Do you have a lot of contact with collectors regarding your cards?
I did when I started a few years ago but things slowed down so I stopped for a while, I’m practically starting over so at the moment I haven’t had that many contacts from collectors.
How do you feel about some collectors wanting more detailed cards versus what sketch card artists are paid to work on the cards?
I think I understand them to some extent, not confusing detail with realism, I personally would feel terrible just to know I created a sketchcard in a rush or just to fill one more card quickly. I like having fun while creating them and I constantly think about how the collectors would feel if they get one of mine without thinking if they are paying me 1$ or 100$.
So I totally understand collectors' frustrations when they receive a card where no effort was put in the card at all, and I have seen many cases.
Have you had any bad experiences with collectors?
I haven’t, but every time I mail something to a collector I’m afraid it might get lost in the mail, so it’s terrible when I get a message from a collector about not receiving their sketchcards, though most times the collector wasn’t aware that I’m overseas and don’t know that international packages take longer than two weeks to arrive, but other than that I’ve had cool experiences with collectors.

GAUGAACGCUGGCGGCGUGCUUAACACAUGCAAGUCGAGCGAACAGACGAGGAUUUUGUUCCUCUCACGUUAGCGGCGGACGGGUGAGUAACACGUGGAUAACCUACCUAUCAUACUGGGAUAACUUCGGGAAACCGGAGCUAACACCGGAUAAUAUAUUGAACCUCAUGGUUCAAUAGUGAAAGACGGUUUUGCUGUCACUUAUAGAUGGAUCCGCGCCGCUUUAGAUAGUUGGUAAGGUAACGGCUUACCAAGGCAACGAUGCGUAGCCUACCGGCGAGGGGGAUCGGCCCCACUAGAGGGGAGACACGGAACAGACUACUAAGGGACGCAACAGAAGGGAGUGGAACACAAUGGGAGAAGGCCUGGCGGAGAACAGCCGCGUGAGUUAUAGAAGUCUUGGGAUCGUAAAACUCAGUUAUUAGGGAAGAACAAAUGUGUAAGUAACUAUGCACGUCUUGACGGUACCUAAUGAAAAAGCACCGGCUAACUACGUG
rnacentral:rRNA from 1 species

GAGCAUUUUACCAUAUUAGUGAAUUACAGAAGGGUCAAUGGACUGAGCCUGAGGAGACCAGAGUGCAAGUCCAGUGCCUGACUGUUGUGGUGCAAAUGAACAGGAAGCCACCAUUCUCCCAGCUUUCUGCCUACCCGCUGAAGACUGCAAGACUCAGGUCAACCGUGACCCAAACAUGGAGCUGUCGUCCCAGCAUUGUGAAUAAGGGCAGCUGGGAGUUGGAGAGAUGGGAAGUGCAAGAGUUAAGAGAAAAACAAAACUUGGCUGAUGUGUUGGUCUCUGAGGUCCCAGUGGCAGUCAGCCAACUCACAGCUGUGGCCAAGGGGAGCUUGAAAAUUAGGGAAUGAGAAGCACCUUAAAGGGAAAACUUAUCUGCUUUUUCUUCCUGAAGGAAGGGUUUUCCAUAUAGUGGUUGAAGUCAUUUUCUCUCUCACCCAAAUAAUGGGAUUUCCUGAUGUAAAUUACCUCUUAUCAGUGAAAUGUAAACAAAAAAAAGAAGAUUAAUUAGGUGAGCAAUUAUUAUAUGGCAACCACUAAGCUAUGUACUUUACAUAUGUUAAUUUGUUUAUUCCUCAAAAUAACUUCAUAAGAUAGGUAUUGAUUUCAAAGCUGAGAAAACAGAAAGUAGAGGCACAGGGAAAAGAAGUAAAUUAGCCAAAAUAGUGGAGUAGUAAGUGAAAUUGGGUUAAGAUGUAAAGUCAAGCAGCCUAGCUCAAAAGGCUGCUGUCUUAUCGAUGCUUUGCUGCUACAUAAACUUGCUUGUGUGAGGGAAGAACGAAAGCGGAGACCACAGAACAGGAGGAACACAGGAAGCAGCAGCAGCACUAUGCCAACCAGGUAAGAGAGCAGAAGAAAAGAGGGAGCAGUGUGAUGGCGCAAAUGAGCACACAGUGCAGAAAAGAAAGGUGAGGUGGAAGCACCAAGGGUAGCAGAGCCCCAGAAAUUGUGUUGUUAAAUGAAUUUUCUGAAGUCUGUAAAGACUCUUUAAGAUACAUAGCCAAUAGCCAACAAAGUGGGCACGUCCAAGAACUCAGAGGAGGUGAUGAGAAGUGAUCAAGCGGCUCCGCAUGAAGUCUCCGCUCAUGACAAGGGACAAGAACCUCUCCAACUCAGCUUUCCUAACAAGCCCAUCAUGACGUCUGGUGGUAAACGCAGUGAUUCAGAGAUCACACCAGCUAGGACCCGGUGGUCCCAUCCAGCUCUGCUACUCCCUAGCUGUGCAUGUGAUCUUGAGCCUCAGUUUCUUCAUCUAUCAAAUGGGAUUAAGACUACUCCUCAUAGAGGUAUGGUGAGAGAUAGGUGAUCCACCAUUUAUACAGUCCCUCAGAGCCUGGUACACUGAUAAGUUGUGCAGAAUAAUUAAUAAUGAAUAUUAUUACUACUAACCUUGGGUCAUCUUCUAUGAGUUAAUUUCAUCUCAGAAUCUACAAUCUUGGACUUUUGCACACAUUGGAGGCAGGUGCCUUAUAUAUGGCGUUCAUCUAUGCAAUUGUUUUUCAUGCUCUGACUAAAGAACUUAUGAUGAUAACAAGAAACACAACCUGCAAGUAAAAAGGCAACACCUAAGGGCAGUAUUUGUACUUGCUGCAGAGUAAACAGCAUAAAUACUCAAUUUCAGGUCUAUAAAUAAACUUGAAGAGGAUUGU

Would you say your career as an artist has benefited from doing sketch card work?
Absolutely, focusing on the small area has made me take another perspective on how to work and I think I have improved a lot because of this.
What was the most difficult sketch card set you have worked on to date?
The most difficult where my first two sets, ZvC and P’ups. I received them at the same time but the mail was so slow I only had four days to draw and return the 40 cards (my limit is about 6 per day), so while I was working on them I injured my hand and was quite stressed since I didn’t want to diminish the quality as they where my first sets and had to meet a very tight deadline with a hand under heavy pain. In the end I was happy with the work.